Republican Pennsylvania congressman bows out of reelection bid, boosting Democrat hopes of more wins


(Reuters) - Republican Pennsylvania Congressman Ryan Costello announced Sunday that he will not seek re-election in November, boosting Democratic Party hopes of taking another seat, officials said. 

Costello’s announcement comes on the heels of a Democrat upset in a special congressional election March 13, in an area handily won by U.S. President Donald Trump in 2016, prompting Republicans to sound alarm bells of more possible Democrat wins.

In that race, Republican Rick Saccone conceded his loss to Democrat Conor Lamb on March 21 in the razor-close race for the state’s 18th Congressional District, a Republican stronghold. 

Costello announced Sunday to Kasie Hunt, on the MSNBC program Kasie DC, that he will not seek re-election, citing both the redrawn suburban-Philadelphia district that now favors Democrats and his desire to spend more time with his family.

“It’s the most difficult decision I can recall having to make,” he told Hunt on Sunday night. “I have an 8-month-old. I have a 4-year-old. And it’s a very challenging job, serving in Congress with a young family.”

SEE ALSO: This Pennsylvania congressional district looks like 'Goofy kicking Donald Duck'


 

National Congressional Campaign Committee Chairman Rep. Steve Stivers told ABC News that Costello’s retirement is a “great loss.”

He said in a statement to the news agency, “We will work tirelessly to ensure this seat remains in Republican hands.”

More on congressional lawmakers not seeking reelection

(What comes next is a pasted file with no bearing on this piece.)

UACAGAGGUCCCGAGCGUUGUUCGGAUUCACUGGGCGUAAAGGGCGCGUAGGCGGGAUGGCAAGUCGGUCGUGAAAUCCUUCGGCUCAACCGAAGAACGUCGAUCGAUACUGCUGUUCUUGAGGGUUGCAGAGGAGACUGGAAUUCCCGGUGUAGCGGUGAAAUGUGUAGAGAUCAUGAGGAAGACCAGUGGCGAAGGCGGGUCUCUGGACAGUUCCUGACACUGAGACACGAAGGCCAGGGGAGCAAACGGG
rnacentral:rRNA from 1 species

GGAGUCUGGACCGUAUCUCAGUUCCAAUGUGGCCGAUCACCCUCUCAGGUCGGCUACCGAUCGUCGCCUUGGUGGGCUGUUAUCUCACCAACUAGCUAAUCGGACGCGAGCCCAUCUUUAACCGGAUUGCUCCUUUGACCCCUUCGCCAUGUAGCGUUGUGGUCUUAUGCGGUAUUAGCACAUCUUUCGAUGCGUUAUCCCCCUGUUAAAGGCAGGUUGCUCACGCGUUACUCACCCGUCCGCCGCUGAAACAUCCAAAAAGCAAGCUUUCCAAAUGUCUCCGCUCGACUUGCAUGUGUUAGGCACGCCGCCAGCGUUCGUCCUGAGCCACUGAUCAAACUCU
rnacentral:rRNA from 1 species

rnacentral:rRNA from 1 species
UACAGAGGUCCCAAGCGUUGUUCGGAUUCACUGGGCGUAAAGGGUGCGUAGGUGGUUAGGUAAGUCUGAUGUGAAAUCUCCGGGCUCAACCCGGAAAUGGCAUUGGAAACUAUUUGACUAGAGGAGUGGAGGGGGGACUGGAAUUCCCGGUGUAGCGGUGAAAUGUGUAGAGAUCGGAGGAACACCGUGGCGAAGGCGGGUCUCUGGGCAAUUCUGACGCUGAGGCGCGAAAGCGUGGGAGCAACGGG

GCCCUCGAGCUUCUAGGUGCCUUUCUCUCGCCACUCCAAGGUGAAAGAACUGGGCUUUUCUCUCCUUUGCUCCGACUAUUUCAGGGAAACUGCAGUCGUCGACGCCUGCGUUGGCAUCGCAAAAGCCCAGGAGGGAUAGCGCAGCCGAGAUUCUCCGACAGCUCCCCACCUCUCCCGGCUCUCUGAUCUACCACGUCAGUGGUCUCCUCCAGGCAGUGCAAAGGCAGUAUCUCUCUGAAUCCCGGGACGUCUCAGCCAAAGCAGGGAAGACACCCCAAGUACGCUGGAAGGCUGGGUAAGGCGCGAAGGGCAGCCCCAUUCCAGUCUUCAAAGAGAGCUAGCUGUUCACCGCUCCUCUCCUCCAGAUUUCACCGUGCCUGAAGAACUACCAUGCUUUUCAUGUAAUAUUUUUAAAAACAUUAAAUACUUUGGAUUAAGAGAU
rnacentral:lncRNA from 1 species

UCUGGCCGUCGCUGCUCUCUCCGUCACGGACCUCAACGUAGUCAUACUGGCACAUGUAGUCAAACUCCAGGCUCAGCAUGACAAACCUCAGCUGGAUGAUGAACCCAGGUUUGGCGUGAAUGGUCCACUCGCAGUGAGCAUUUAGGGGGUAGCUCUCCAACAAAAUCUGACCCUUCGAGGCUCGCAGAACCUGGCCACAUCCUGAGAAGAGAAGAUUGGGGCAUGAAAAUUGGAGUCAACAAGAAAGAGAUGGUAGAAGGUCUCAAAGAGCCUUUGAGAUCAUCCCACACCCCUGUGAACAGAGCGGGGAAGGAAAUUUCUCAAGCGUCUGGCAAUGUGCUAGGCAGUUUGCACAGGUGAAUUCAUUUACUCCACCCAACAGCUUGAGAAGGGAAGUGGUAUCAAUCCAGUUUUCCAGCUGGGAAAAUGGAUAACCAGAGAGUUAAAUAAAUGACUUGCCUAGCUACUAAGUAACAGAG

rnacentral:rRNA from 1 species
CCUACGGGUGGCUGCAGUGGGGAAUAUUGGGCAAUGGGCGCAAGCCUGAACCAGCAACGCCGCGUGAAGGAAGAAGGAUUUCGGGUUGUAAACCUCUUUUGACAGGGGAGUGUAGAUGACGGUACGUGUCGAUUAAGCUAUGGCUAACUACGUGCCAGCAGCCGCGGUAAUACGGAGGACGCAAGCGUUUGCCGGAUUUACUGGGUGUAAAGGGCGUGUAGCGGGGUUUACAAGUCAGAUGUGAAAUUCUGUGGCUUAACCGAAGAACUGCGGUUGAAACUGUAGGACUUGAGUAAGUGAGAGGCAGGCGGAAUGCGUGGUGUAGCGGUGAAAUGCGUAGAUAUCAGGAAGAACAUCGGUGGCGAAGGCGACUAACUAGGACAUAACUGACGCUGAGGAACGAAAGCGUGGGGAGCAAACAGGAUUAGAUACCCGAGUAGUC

29 PHOTOS
Congressional lawmakers not seeking re-election come 2018
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Congressional lawmakers not seeking re-election come 2018
Rep. Ryan Costello (R-PA) 
Senator Thad Cochran (R-MS)
Rep. Trey Gowdy (R-SC)
Sen. Orrin Hatch (R-UT)
Sen. Jeff Flake (R-AZ)
Sen. Bob Corker (R-TN)
U.S. Republican Representative Darrell Issa
Rep. Jason Chaffetz (R-CA)
Rep. Charlie Dent (R-PA)
Rep. Tim Murphy (R-PA)

Rep. Lynn Jenkins (R-Kansas)

Rep. Raul Labrador (R-ID) 

Rep. Dave Trott (R-Mich.)
Rep. Ileana Ros-Lehtinen (R-Fla.)

Rep. John 'Jimmy' Duncan (R-Tenn.)

(Photo By Bill Clark/CQ Roll Call)

Rep. Kristi Noem (R-South Dakota)

(Photo By Bill Clark/CQ Roll Call)

Rep. Jeb Hensarling (R-Texas) 

(Zach Gibson/Bloomberg via Getty Images)

Rep. Sam Johnson (R-Texas)

(Photo By Bill Clark/CQ Roll Call)

Rep. Lamar Smith (R-Texas) 

(Photo By Tom Williams/CQ Roll Call)

Rep. Dave Reichert (R-Washington)

(Photo By Bill Clark/CQ Roll Call)

Rep. Steve Pearce (R-New Mexico)

(BRENDAN SMIALOWSKI/AFP/Getty Images)

Rep. Pat Tiberi (R-Ohio)

(Photo by Alex Wong/Getty Images)

Rep. Frank LoBiondo, R-N.J.

(Photo By Tom Williams/CQ Roll Call)

Rep. Ted Poe (R-TX)
Rep. Bob Goodlatte (R-VA)
Rep. Joe Barton (R-TX)
Rep. Blake Farenthold, R-Texas
Rep. Rodney Frelinghuysen, R-New Jersey

Rep. Dennis Ross, R-Florida

Photo Credit: Getty 

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The Democratic Congressional Campaign Committee said in a statement that other Republicans should take heed of Costello’s decision.

“Costello’s exit should set off alarm bells for vulnerable House Republicans, who will also have to explain to middle-class voters why they’ve given repeated handouts to the rich and biggest corporations, and who will face similarly tough, well-financed challenges from our deep field of impressive candidates,” said spokesman Evan Lukaske in a press release.

Neither Costello nor his representatives were immediately available for comment.

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